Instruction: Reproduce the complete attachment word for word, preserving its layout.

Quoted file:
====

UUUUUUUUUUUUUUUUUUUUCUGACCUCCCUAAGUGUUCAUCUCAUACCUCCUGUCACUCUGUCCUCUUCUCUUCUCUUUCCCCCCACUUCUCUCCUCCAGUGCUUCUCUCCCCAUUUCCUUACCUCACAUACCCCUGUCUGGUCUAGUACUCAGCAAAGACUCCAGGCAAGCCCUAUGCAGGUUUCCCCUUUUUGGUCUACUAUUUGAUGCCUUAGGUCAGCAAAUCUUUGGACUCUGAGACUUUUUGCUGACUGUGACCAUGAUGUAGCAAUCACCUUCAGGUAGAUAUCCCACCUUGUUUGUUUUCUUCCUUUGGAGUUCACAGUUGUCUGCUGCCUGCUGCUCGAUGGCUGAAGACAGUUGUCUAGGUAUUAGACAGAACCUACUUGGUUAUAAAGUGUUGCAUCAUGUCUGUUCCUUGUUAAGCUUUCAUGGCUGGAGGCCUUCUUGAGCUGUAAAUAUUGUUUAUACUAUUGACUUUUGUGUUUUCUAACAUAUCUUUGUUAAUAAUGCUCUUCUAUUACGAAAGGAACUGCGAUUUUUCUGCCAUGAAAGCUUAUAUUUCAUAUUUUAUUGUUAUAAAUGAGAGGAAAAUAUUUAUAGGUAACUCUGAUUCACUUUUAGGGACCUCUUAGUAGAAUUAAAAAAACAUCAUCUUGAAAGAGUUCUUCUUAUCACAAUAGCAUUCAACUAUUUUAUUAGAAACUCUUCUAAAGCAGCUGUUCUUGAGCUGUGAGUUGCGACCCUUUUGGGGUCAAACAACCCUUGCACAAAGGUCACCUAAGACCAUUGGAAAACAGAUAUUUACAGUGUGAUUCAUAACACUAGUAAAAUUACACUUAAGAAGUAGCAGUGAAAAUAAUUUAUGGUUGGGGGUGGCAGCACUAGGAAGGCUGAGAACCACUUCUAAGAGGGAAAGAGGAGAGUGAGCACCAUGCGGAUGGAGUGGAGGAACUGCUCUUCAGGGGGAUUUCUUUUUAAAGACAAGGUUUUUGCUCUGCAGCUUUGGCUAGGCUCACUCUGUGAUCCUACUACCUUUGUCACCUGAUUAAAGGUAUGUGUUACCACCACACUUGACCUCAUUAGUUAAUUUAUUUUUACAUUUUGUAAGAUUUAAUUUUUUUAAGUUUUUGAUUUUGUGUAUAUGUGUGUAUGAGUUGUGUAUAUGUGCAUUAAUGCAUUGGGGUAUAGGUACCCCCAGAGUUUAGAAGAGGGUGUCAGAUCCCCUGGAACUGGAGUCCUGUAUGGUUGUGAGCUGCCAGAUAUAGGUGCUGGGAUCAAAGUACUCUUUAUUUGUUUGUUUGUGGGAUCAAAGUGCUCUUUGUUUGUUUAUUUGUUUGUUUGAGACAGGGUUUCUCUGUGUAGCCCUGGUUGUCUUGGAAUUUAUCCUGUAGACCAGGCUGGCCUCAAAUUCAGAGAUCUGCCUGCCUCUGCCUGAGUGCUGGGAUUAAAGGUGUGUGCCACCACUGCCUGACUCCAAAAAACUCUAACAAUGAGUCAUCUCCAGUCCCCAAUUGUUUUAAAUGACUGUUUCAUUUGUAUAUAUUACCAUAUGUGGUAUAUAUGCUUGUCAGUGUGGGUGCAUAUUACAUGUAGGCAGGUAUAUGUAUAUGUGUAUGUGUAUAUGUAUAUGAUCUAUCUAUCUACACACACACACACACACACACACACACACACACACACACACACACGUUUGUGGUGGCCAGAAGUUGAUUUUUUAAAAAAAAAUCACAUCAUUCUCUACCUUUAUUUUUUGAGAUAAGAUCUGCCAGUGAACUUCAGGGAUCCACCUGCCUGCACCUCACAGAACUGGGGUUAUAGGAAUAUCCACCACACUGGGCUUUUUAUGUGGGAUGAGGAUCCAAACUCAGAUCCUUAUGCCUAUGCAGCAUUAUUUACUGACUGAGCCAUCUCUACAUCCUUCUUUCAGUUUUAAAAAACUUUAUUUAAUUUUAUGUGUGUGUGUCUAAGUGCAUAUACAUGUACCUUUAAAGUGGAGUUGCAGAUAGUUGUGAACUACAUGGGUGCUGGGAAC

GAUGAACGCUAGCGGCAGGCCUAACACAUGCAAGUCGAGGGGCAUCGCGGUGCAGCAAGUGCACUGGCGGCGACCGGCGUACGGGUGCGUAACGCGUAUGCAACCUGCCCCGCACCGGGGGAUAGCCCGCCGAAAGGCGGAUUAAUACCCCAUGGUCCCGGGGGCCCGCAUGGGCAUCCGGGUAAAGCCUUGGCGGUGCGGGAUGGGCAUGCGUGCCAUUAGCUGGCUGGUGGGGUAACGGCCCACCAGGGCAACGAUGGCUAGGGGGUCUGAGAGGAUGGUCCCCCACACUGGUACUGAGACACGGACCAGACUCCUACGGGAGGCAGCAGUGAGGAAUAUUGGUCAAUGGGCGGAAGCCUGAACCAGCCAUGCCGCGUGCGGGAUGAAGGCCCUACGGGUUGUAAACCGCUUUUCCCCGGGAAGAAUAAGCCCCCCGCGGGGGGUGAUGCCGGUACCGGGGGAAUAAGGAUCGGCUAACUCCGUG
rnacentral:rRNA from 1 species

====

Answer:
UUUUUUUUUUUUUUUUUUUUCUGACCUCCCUAAGUGUUCAUCUCAUACCUCCUGUCACUCUGUCCUCUUCUCUUCUCUUUCCCCCCACUUCUCUCCUCCAGUGCUUCUCUCCCCAUUUCCUUACCUCACAUACCCCUGUCUGGUCUAGUACUCAGCAAAGACUCCAGGCAAGCCCUAUGCAGGUUUCCCCUUUUUGGUCUACUAUUUGAUGCCUUAGGUCAGCAAAUCUUUGGACUCUGAGACUUUUUGCUGACUGUGACCAUGAUGUAGCAAUCACCUUCAGGUAGAUAUCCCACCUUGUUUGUUUUCUUCCUUUGGAGUUCACAGUUGUCUGCUGCCUGCUGCUCGAUGGCUGAAGACAGUUGUCUAGGUAUUAGACAGAACCUACUUGGUUAUAAAGUGUUGCAUCAUGUCUGUUCCUUGUUAAGCUUUCAUGGCUGGAGGCCUUCUUGAGCUGUAAAUAUUGUUUAUACUAUUGACUUUUGUGUUUUCUAACAUAUCUUUGUUAAUAAUGCUCUUCUAUUACGAAAGGAACUGCGAUUUUUCUGCCAUGAAAGCUUAUAUUUCAUAUUUUAUUGUUAUAAAUGAGAGGAAAAUAUUUAUAGGUAACUCUGAUUCACUUUUAGGGACCUCUUAGUAGAAUUAAAAAAACAUCAUCUUGAAAGAGUUCUUCUUAUCACAAUAGCAUUCAACUAUUUUAUUAGAAACUCUUCUAAAGCAGCUGUUCUUGAGCUGUGAGUUGCGACCCUUUUGGGGUCAAACAACCCUUGCACAAAGGUCACCUAAGACCAUUGGAAAACAGAUAUUUACAGUGUGAUUCAUAACACUAGUAAAAUUACACUUAAGAAGUAGCAGUGAAAAUAAUUUAUGGUUGGGGGUGGCAGCACUAGGAAGGCUGAGAACCACUUCUAAGAGGGAAAGAGGAGAGUGAGCACCAUGCGGAUGGAGUGGAGGAACUGCUCUUCAGGGGGAUUUCUUUUUAAAGACAAGGUUUUUGCUCUGCAGCUUUGGCUAGGCUCACUCUGUGAUCCUACUACCUUUGUCACCUGAUUAAAGGUAUGUGUUACCACCACACUUGACCUCAUUAGUUAAUUUAUUUUUACAUUUUGUAAGAUUUAAUUUUUUUAAGUUUUUGAUUUUGUGUAUAUGUGUGUAUGAGUUGUGUAUAUGUGCAUUAAUGCAUUGGGGUAUAGGUACCCCCAGAGUUUAGAAGAGGGUGUCAGAUCCCCUGGAACUGGAGUCCUGUAUGGUUGUGAGCUGCCAGAUAUAGGUGCUGGGAUCAAAGUACUCUUUAUUUGUUUGUUUGUGGGAUCAAAGUGCUCUUUGUUUGUUUAUUUGUUUGUUUGAGACAGGGUUUCUCUGUGUAGCCCUGGUUGUCUUGGAAUUUAUCCUGUAGACCAGGCUGGCCUCAAAUUCAGAGAUCUGCCUGCCUCUGCCUGAGUGCUGGGAUUAAAGGUGUGUGCCACCACUGCCUGACUCCAAAAAACUCUAACAAUGAGUCAUCUCCAGUCCCCAAUUGUUUUAAAUGACUGUUUCAUUUGUAUAUAUUACCAUAUGUGGUAUAUAUGCUUGUCAGUGUGGGUGCAUAUUACAUGUAGGCAGGUAUAUGUAUAUGUGUAUGUGUAUAUGUAUAUGAUCUAUCUAUCUACACACACACACACACACACACACACACACACACACACACACACACGUUUGUGGUGGCCAGAAGUUGAUUUUUUAAAAAAAAAUCACAUCAUUCUCUACCUUUAUUUUUUGAGAUAAGAUCUGCCAGUGAACUUCAGGGAUCCACCUGCCUGCACCUCACAGAACUGGGGUUAUAGGAAUAUCCACCACACUGGGCUUUUUAUGUGGGAUGAGGAUCCAAACUCAGAUCCUUAUGCCUAUGCAGCAUUAUUUACUGACUGAGCCAUCUCUACAUCCUUCUUUCAGUUUUAAAAAACUUUAUUUAAUUUUAUGUGUGUGUGUCUAAGUGCAUAUACAUGUACCUUUAAAGUGGAGUUGCAGAUAGUUGUGAACUACAUGGGUGCUGGGAAC

GAUGAACGCUAGCGGCAGGCCUAACACAUGCAAGUCGAGGGGCAUCGCGGUGCAGCAAGUGCACUGGCGGCGACCGGCGUACGGGUGCGUAACGCGUAUGCAACCUGCCCCGCACCGGGGGAUAGCCCGCCGAAAGGCGGAUUAAUACCCCAUGGUCCCGGGGGCCCGCAUGGGCAUCCGGGUAAAGCCUUGGCGGUGCGGGAUGGGCAUGCGUGCCAUUAGCUGGCUGGUGGGGUAACGGCCCACCAGGGCAACGAUGGCUAGGGGGUCUGAGAGGAUGGUCCCCCACACUGGUACUGAGACACGGACCAGACUCCUACGGGAGGCAGCAGUGAGGAAUAUUGGUCAAUGGGCGGAAGCCUGAACCAGCCAUGCCGCGUGCGGGAUGAAGGCCCUACGGGUUGUAAACCGCUUUUCCCCGGGAAGAAUAAGCCCCCCGCGGGGGGUGAUGCCGGUACCGGGGGAAUAAGGAUCGGCUAACUCCGUG
rnacentral:rRNA from 1 species